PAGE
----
I don’t agree with the premise of the question. People view his book through hindsight, and are coloured by some of Watson’s extreme views and general behaviour. But in fact the book describes events as seen through the eyes of an extraordinarily callow 24-year old. I think it was also to some extent a confessional, because I suspect he felt guilty that he never told Rosalind Franklin about having used her data. But it is entirely possible that without his book, she might not have become the famous feminist icon that she is today. Certainly we would not have known that her data provided important constraints to help Watson and Crick arrive at the double helical structure of DNA.
I’ve tried to be equally honest, and even though I have tried to paint frank portraits of people’s appearances and personalities, I have tried to avoid being gratuitously insulting about them. Perhaps this is why Richard Dawkins refers to me as a ‘nice’ Jim Watson.
Is it amazing or galling when technological advances transform scientific research and techniques you have used – such as when advances in electron microscopy obviate the need for crystallography?
That is simply the nature of science. We were among the first to use electron microscopy to solve a brand new structure. The goal is always to solve a problem and tools that make it easier are always a good thing. However, nobody can take away the discovery of the structure of the ribosome – once you discover it, it is there forever.
You don’t seem to pull any punches in Gene Machine. Have you offended anyone? Have any relationships changed as a result of the book?
When you write a book, you owe it both to yourself and the reader to be as absolutely honest as you can. If you are worried about offending people, you shouldn’t bother writing a book in the first place – an anodyne book written to avoid offending anyone would not be of any use at all. Moreover, to some extent you’re writing for history and want subsequent generations to know what it was actually like.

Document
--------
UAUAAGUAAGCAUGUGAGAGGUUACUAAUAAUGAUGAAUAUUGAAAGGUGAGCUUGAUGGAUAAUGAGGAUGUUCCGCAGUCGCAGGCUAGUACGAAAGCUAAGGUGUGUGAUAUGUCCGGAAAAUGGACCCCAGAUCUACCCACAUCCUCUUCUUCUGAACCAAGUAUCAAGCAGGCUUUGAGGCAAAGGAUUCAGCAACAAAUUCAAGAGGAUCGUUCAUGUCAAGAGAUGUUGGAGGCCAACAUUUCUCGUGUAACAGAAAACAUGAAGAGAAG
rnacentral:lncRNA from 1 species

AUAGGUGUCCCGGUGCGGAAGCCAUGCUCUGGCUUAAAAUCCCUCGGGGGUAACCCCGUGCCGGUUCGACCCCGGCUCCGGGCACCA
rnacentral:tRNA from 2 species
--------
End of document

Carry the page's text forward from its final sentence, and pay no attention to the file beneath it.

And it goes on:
The feeling of being an outsider permeates your book. Do you feel more of an insider now and if so, where?
It is odd for someone who is a Group Leader at the LMB, a Fellow of Trinity College and President of the Royal Society to feel like an outsider, but the feeling never quite leaves you. I’ve felt like an outsider since the age of three, when my parents moved from South India to Gujarat where I didn’t speak the local language. I spent 1960-61 in Australia, then moved to the USA at the age of 19 initially to get a PhD in physics but then switching to graduate school again. After moving many times all over the USA, I moved to England in 1999. I also didn’t go to elite institutions and was somewhat outside the orbit of high-profile science for a lot of my life.
The British scientific world that Watson wrote about seems a very different era. How much have things really changed?